Schools across Wrexham are continuing to play their part in the drive to cut plastic and save the planet.
Some small but important changes are taking place in school canteens across the country borough, as part of Wrexham Council’s commitment to ditching single-use plastic – the hard-to-recycle stuff that tends to get used once, and then thrown away.
Councillor David A. Bithell, Lead Member for Environment and Transport, says: “Too much plastic is a global problem – damaging the environment and clogging up our oceans.
“Programmes like BBC’s Blue Planet have highlighted the issue, and if we don’t act now, it’s future generations – today’s children – who will pick up the pieces.”
So what kind of changes are we making?
Cllr Bithell explains: “We’re making some encouraging changes as part of our pledge to cut single-use plastics…and a great example of this is the changes in our school canteens.
“Our school catering service is attacking the problem by replacing things like plastic forks with wooden ones, which can be recycled as food waste.
“This might sound like a small step, but if we all start making small changes – both as individuals and organisations – they’ll hopefully add up to something big in the long-term.”
Steps we’re taking in our high school canteens include:
• Replacing plastic forks with wooden ones that can be recycled as food waste.
• Removing disposable plastic cups from drinking fountains (encouraging pupils to use re-usable bottles and glasses).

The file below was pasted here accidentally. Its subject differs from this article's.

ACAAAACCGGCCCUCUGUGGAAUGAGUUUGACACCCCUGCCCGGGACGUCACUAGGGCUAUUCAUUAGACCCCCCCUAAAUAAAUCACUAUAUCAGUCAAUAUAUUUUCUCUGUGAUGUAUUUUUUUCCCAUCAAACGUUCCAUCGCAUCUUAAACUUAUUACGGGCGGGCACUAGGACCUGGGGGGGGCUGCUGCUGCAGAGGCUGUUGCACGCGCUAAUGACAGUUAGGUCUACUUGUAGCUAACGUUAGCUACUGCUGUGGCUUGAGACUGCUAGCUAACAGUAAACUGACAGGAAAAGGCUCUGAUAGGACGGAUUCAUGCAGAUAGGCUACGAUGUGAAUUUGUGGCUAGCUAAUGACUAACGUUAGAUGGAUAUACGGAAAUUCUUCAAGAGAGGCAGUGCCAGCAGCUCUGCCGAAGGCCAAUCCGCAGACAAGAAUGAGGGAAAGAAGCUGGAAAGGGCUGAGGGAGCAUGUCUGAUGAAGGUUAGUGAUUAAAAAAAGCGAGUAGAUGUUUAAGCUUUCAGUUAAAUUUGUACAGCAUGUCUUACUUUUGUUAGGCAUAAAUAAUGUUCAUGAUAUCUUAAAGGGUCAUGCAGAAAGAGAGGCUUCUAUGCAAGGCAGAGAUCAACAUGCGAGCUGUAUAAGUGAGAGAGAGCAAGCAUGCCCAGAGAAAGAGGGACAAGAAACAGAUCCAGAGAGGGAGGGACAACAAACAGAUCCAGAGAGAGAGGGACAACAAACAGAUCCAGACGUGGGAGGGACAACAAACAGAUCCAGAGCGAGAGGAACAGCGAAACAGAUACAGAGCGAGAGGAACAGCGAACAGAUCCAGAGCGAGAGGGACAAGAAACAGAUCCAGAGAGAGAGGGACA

• We’re also looking at biodegradable options to replace the plastic sandwich boxes used in our high schools.
In our primary school canteens, we’ve removed the single-use plastic pots that were used for desserts, and replaced them with re-usable ones.
“It’s really important…”
Moira Tennant, Cook in Charge at Rhosnesni High School, says: “Our school canteen is taking steps to improve how we do things.
“For instance, we no longer use plastic forks, and we’ve removed the plastic cups from the drinking fountain.
“We’re always looking for ways to try and do things better.”
Pupils are keen to get involved and learn about recycling too.
Freddie, a pupil from Maes Y Mynydd Primary School, says: “My school has taught me a lot about recycling, and me and my friends know which things can and can’t be recycled.
“It’s really important to recycle as much as we can.”
We’ve also been using our education facilities to show children where their recycling goes after it’s been collected.
Several schools have visited the Education Room at the Bryn Lane Recycling Centre to take part in interactive workshops.
A viewing window allows pupils to see how recyclable materials are bulked-up, ready to be taken away and recycled into new products.
One class was so impressed, they planned their own presentation – so they could feedback what they learnt to the rest of their school.
The work in our schools is part of a wider pledge by Wrexham Council to cut its use of single-use plastics.
Cllr Bithell says: “We want to play our part in helping Wrexham be at the forefront of recycling in Wales.
“To do this, we’ve made a pledge to reduce single-use plastics across the whole of the county borough – and that includes cutting the amount we use in our schools and other council buildings and facilities.
“We hope our pledge will resonate with the public, and we’ll be encouraging everyone in Wrexham – from households to businesses – to get involved by reducing their own use of single-use plastics.
“People in Wrexham are doing a great job with their recycling, and this is another step they can take with us to help the environment, and create a better future.”
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